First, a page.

My Coast Guard Family

By Dave Stone



Note - The photo as received was unprintable. I will post them in the near future if Dave resubmits them - Jack

May 18, 1965 - This was my first day in the military. The Marines wouldn't agree that the Navy is a military branch, nor did the Navy feel the Coast Guard was a viable military branch. In just a few months though, I was not only going to go from a young kid to a man (well kind of) who through first hand experience would learn how wrong the Navy's perception of the Coast Guard had been.

I was a typical brain dead teenager whose only thoughts were, where's my girl friend and would she break up with me now that I'm gone. During boot camp in the Great Lakes, fellow "Screws" were getting Dear John letters from there once beloved girl friends on a daily basis. It was even worse for me since I didn't get mail from anyone.
Three months later, I was on a plane heading back to my hometown of Cincinnati, Ohio with orders in my hand sending me somewhere to some ship called LST 1148, USS SUMNER COUNTY. I only had a few days to say good-bye again before heading off to San Francisco for a trip far away. My orders said, Clark Air Force Base, P.I. My dad didn't know where that was either. My mother came closest thinking it stood for Pacific Island. Being only 17 years old and never knowing anything about the daily news except how to fold and toss them for a paper route I had a few years earlier, Pacific Islands brought to mind visions of topless girls in grass skirts. That made the wholly overwhelming journey I was about to undertake a little more pleasant for me.
The rest is pretty much a blur. The train from Cincinnati to Chicago. Landing in St. Louis and seeing the brand new arch. Then off to San Francisco. A bus trip across the longest bridge I had ever seen. It wasn't until we had crossed it that I heard someone mention that it was the Golden Gate Bridge. The most exciting part of my trip was to Honolulu, Hawaii. It was pineapple harvesting season and the warm sweet smell of the fruit cooking was everywhere. Finally, the last and most traumatic part of the trip for me was the flight to what I found later to be the answer to the mysterious letters P.I. 14 hours flying backwards on a jet with one window to the Philippines. As most of you know, in boot came you salute and call "SIR" anyone who also isn't a boot. Much to my chagrin I am seated next to an officer in a blue suit with clouds and lightning bolts all over his hat. I could see that he was a Colonel in the Air Force. "Sir, YES SIR!!" I screamed when he said hello. This of course brought a lot of laughter from the rest of the passengers. He tried to set me at ease by telling me he was a doctor and that please feel at ease - we had a long trip ahead of us. Of course I remained at attention the rest of the trip. I thought I was going to faint when he fell asleep and his head ended up on my shoulder.
We landed in Clark Air Force Base around noon the next day. I of course was wearing my dress blues which was the travel uniform. I was burning up in the plane but was in for a real awakening about what heat was when I stepped out of the plane in to the noon day sun. They said it was cooler than the day before - only 109 degrees. The airport only had ceiling fans which barely moved any air around. We were told that the bus that was to take us to the Navy base at Subic Bay wouldn't be around until about 4 PM. and that we should make ourselves comfortable. Yeah Right!
We then were loaded onto a gray school bus (with no air conditioning of course) and began the long trip over the mountains to our next stop. Since it was already late in the afternoon, most of this trip was in the dark. If not for an occasional flicker of a candle here and there, I wouldn't have known anything existed outside of that bus. It was the darkest ride of my life.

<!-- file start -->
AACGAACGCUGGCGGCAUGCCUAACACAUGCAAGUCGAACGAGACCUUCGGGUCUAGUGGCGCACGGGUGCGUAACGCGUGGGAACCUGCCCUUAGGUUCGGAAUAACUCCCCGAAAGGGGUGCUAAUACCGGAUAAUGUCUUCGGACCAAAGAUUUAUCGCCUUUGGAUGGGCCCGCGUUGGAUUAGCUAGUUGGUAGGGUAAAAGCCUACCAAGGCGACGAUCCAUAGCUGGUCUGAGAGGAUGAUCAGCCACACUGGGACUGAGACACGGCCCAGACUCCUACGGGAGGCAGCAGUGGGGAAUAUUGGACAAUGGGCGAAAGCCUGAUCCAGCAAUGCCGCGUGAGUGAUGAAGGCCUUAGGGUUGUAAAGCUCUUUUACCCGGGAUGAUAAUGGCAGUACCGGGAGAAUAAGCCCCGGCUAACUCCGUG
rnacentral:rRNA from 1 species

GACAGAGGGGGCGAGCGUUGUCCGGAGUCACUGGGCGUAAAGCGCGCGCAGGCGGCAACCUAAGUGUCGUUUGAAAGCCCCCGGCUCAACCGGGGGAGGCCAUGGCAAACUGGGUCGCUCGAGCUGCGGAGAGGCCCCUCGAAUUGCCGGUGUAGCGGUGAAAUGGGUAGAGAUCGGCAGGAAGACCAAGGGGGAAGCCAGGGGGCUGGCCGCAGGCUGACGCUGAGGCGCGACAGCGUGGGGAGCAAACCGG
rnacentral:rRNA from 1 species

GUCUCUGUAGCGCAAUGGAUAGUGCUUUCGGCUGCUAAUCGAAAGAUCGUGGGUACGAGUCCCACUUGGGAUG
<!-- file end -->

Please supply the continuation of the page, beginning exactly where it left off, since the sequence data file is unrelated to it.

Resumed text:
Sometime in the late evening we came into this town Olongapo. We went from total darkness with only the sounds of the grinding gears on the bus to bright yellowish lights with people screaming and trying to climb through the windows shouting in some strange language. I kept looking around at the other guys on the bus for signs of the same fears I was experiencing. They seemed calm though so I tried my best to do the same.
We are now all billeted and given racks to sleep in for the rest of the night. I was for the first time in what seemed to be months, able to take a shower and change. I felt like a human being again! I was then told that my ship had left port three days earlier and that I would have to wait for another ship to take me to it.
After selling most of my heavy clothing for a few bucks I finally had some money and went to the lovely City of Olongapo. Understand now, I was a 17 year old kid who had never drank anything but a little foam off the top of my uncle Bob's beer. I came back broke again, throwing up at every conscious moment which weren't too many.
Finally I'm onboard the biggest ship I ever saw. Heck, it was the first ship I ever saw. It was the USS Vega, an APA full of supplies. We were a giant grocery store. It seemed like there was this giant parking lot at sea and once we were out in the middle of no where, they all lined up to get some of our goodies. I think every ship in the Pacific fleet was there to get provisions. I was assigned to work in the freezer hole. We worked 45 minutes in there followed by 15 minute breaks. It was funny to see us come up on deck. In the hole the temps were well below freezing while on deck the temps were in the low 80's. You could hardly see us for the first few minutes from all the fog coming off our clothes and skin. One time when I came up for a break I saw this giant steel wall beside our ship. I tried to lean over the side and look up but this ships deck came over the top of our ship. We were off-loading goods to a carrier. I was told it was the USS Independence, but I don't know for sure.